~ Novel HIV Prevention Science in India Top


Microbicides

There is little information on the knowledge attitudes and beliefs among women towards HIV preventive microbicides in India and only a few small studies on these factors among male partners. [12],[13],[14] Additional information on the potential use of microbicides in MSM or women participating in anal intercourse in India is also unknown at this time. In India, microbicides are generally well accepted by female study participants; however, both studies highlighted the need to better understand the potential for covert use of the products in a setting where there are great challenges in improving the status of women. Additional male preference such as sexual satisfaction may play a role in women's eventual uptake of the microbicide in question and has been documented as the main factor in on acceptability study in a population of Indian male partners. [14] Male approval for partner participation in clinical trials evaluating efficacy is not ethically appropriate; however, actual effectiveness of the microbicide will be dependent upon the safety profile in men who may be exposed to the investigational products over the long term, which may deserve ethical consideration. Attitudes, safety and acceptability among Indian men will have to be evaluated while preparing to introduce vaginal and potentially rectal microbicides in India.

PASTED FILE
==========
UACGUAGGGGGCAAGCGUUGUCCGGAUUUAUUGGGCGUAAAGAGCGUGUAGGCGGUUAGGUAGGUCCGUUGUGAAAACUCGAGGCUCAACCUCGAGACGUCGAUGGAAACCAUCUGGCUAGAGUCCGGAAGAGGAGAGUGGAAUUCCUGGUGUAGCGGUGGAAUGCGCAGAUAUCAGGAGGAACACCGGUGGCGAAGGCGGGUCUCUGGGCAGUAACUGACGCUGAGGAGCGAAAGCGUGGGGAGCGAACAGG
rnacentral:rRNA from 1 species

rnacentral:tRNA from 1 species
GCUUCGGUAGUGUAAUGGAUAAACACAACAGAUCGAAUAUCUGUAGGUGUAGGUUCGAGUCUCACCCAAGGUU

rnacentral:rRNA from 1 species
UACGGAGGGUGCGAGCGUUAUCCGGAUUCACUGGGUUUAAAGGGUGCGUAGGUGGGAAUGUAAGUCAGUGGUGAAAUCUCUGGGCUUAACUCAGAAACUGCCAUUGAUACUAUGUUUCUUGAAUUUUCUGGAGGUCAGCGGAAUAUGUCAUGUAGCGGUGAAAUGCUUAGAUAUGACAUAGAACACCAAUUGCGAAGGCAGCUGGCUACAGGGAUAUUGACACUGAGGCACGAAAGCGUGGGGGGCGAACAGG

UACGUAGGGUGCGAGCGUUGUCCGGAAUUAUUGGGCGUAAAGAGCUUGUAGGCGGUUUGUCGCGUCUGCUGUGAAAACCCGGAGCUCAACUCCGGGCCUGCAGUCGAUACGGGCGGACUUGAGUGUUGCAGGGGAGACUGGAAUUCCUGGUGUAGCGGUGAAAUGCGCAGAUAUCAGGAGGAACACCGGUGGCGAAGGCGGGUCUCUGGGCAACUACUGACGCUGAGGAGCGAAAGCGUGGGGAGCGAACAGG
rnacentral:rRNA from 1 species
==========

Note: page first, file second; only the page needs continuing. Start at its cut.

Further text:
Circumcision

The role of circumcision in India is unclear and considerations of local culture and sensitivities are warranted when examining the evidence supporting circumcision among high-prevalence male populations. Fears of communal strife with a 13% Muslim population should be taken seriously by policy makers who warn of increased rates among certain religious ethnicities. However, the particular population that will be targeted is of great importance and protection can be dramatic. In the Indian scenario, circumcision was strongly protective against HIV infection among attendees of an STD clinic. [15] In preliminary analyses from a population-based study in Guntur district, circumcision had the highest population impact on reducing HIV number among urban men. Baseline information on rates of circumcision and the availability of the technique is needed. It is important to note that 34% of circumcised men in one STD clinic in Pune self-identified as Hindu. [15] Qualitative data on barriers to acceptance would guide development of communication messages and help in sensitizing communities. Authorities suggest learning lessons from India's failed vasectomy programme, which could prove valuable in guiding us with providing safe and affordable circumcision services to at-risk segments of the population.